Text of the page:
LEDs are most common as simple visual output. LED stands for light-emitting diode (https://en.wikipedia.org/wiki/Light-emitting_diode).
LEDs have 2 connectors: anode (+, long leg) and cathode (-, short leg)
The direction in which the LED is put into the circuit is important. For the forward direction and this is what we want, as this is when the LED is lighting up, the cathode (-, short leg) has to go towards 0V/GND and the anode (+, long leg) towards 3.3V/+/VSS.
A LED typically requires a resistor that is in series with the LED to restrict the current that is flowing through the LED.
For sketching we can just use the following values (see #Background for more details):
- 100 Ohm for a controller with 3.3V (our ESP32/ESP8266)
- 150 Ohm, 200 Ohm or 330 Ohm for a controller with 5V
How to connect it electrically
This is how to connect an LED to a power supply. It does not matter where the resistor goes. But if the direction of the LED is wrong, it will not light up.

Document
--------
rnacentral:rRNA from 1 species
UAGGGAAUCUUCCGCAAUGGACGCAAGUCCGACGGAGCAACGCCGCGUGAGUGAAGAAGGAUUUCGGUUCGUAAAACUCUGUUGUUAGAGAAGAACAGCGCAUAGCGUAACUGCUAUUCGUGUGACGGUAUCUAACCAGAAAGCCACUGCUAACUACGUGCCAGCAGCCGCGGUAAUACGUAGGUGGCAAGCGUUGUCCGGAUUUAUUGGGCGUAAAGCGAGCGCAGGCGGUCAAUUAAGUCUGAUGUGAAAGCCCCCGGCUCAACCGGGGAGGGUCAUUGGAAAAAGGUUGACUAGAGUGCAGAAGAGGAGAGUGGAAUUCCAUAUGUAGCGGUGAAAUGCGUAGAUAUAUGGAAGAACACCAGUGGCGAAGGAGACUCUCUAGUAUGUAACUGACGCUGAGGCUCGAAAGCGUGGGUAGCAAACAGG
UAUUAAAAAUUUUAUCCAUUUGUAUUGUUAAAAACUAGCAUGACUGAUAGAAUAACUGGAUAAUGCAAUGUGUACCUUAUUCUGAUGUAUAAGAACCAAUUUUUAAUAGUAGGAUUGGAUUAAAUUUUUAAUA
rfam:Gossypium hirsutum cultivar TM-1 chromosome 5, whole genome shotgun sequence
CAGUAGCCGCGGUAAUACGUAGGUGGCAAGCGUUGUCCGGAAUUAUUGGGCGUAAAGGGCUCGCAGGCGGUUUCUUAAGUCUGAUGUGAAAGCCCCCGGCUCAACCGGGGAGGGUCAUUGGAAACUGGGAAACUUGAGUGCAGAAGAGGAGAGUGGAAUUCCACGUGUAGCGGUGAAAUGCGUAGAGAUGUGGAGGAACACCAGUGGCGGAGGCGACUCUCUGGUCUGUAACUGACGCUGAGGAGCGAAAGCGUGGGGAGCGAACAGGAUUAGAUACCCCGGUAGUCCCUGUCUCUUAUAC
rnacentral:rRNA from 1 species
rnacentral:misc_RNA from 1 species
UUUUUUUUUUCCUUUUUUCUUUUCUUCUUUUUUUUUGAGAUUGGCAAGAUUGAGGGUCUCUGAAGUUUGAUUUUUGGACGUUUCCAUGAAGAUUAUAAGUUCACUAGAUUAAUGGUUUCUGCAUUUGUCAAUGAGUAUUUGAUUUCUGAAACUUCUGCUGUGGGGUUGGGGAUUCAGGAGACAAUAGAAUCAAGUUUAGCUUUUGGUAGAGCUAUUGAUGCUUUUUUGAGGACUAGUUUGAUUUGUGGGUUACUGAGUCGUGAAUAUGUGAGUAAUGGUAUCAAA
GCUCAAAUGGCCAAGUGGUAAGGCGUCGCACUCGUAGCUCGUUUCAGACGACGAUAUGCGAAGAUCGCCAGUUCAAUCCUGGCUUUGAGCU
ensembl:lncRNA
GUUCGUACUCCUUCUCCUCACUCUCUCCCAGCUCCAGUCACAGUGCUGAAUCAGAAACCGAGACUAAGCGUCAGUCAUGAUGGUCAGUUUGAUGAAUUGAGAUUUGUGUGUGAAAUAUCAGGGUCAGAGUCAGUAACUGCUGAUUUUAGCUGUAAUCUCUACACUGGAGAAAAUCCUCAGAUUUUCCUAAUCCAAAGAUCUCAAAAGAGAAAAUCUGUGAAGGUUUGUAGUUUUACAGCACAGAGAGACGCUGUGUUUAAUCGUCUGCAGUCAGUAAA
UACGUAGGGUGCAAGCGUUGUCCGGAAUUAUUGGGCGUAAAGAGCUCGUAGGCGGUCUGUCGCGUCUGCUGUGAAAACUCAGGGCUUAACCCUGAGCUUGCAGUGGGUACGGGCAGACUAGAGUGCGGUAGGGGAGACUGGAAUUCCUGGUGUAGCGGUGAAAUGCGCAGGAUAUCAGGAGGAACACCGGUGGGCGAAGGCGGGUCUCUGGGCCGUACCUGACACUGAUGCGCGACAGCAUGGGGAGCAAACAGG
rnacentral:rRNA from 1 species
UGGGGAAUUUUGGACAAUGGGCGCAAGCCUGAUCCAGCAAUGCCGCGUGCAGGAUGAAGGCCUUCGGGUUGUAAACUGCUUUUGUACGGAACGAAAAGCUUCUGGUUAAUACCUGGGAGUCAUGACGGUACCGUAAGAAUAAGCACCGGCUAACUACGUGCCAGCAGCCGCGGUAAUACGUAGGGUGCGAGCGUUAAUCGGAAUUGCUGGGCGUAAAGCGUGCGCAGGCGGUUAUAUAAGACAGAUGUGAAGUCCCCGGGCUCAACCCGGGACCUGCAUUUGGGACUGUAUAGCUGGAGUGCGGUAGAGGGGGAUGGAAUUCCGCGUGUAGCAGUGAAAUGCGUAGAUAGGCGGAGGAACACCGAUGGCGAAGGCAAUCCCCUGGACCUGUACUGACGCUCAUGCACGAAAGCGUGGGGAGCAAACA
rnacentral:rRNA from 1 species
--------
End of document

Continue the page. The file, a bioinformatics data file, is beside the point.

LED will be on if Pin26 is 3.3V (or ON or High)
LED will be on if Pin26 is 0V (or OFF or Low)
How to control it in MicroPython
1 from machine import Pin 2 # assume our LED is connected to Pin 26, we use it as output 3 myLED = Pin(26, Pin.OUT) 4 # this switches the LED on 5 myLED.on() 6 # this switches the LED off 7 myLED.off()
A small Program in MicroPython
1 from machine import Pin 2 from time import sleep 3 4 # assume our LED is connected to Pin 26, we use it as output 5 myLED = Pin(26, Pin.OUT) 6 7 while True: 8 # this switches the LED on for 1 second 9 myLED.on() 10 sleep(1) 11 # this switches the LED off for 500 ms 12 myLED.off() 13 sleep(0.5)
The setup to try the program:
Related Tutorial Videos
For an LED we are interested in the following parameters:
- the forward voltage (typically about 2V)
- the forward current (typically about 20mA = 0,02A)
We use the equations R=U/I and U=U1+U2 to calculate the resistor required.